One facet of the controversy about the pardons given by Haley Barbour as he left the Mississippi governorship that has not received much national notice is that many of the felons may be re-incarcerated because they failed to publish a timely notice of their pardon application. Such a notice is required by Mississippi law, and such public-notice laws are under attack in many states, from local governments who don't like having to pay newspapers to print them.
"Many public notices pertaining to cases in counties all over the state weren’t published in the proper local newspaper far enough in advance of the issuance of the pardons," writes Layne Bruce, executive director of the Mississippi Press Association. "Many more evidently didn’t run at all. Even a cursory check of ads placed in a Jackson newspaper showed some of the public notices were scheduled to begin running Jan. 12, two days after the pardons themselves had been signed."
Bruce said the episode is just the latest example of a problem with public-notice scofflaws. "The circumventing of public notice law has been a problem at all levels of government since we formed one," he wrote. "And, quite frankly, I’m not sure whether it’s better to say the governor’s office was unaware of what is constitutionally-required or simply didn’t bother to check."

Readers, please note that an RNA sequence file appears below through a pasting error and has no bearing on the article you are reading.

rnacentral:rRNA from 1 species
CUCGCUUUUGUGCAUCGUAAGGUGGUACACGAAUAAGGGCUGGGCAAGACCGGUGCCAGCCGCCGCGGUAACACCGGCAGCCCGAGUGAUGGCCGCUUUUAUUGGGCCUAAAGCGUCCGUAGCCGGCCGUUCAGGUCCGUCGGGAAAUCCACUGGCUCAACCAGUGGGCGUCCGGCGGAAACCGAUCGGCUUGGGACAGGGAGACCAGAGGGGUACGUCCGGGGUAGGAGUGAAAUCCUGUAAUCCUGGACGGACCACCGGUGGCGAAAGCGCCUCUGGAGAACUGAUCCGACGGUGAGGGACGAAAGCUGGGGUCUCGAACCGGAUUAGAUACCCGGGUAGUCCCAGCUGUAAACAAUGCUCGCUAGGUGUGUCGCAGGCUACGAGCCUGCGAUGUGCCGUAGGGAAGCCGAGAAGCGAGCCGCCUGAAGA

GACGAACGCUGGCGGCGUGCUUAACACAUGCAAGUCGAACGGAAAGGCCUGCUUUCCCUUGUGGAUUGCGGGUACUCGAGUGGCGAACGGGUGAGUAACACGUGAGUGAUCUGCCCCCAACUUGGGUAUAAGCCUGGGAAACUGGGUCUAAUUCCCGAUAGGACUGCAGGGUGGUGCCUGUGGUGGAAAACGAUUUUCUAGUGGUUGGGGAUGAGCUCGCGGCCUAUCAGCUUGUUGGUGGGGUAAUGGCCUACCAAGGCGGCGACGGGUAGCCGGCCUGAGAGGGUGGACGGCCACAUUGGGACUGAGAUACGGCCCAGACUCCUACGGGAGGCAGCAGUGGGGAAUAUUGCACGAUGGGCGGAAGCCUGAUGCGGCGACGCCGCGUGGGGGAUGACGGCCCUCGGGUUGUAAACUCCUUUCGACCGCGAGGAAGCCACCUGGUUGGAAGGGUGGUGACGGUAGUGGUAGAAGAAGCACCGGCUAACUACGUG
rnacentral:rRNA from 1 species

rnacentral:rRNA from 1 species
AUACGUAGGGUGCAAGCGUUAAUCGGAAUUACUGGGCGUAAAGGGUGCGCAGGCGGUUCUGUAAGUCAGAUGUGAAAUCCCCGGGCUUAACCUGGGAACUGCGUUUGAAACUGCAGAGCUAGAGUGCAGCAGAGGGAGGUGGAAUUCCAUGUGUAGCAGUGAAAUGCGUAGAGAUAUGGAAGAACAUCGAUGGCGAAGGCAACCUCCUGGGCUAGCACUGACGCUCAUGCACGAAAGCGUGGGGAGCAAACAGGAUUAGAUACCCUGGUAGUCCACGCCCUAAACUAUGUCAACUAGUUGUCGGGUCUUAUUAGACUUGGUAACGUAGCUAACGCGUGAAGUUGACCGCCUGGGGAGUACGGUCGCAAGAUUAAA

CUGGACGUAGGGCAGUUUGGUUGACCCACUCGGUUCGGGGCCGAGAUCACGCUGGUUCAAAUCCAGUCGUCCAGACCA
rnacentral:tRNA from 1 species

Bruce concluded, "This is a prime example of the importance – and too often overlooked – principle of public notices that appear in newspapers and on their websites in this state and nationwide. They serve the public’s right to know about what is happening with government and public officials within their communities. And when public notice laws are abused – either by mistake or on purpose – a serious right of citizens, taxpayers and voters is compromised. . . . a number of murderers were nearly handed back the right to own a gun. And some molesters were almost excused from registering as sex offenders. Victims of such crimes deserve better. And the public at large has a right to know. Always."
Like many of its counterparts, the Mississippi Press Association puts public notices on a searchable website for free, in an effort to blunt local governments' lobbying arguments that the notices should be placed on government sites, not printed in newspapers. To see that site, click here.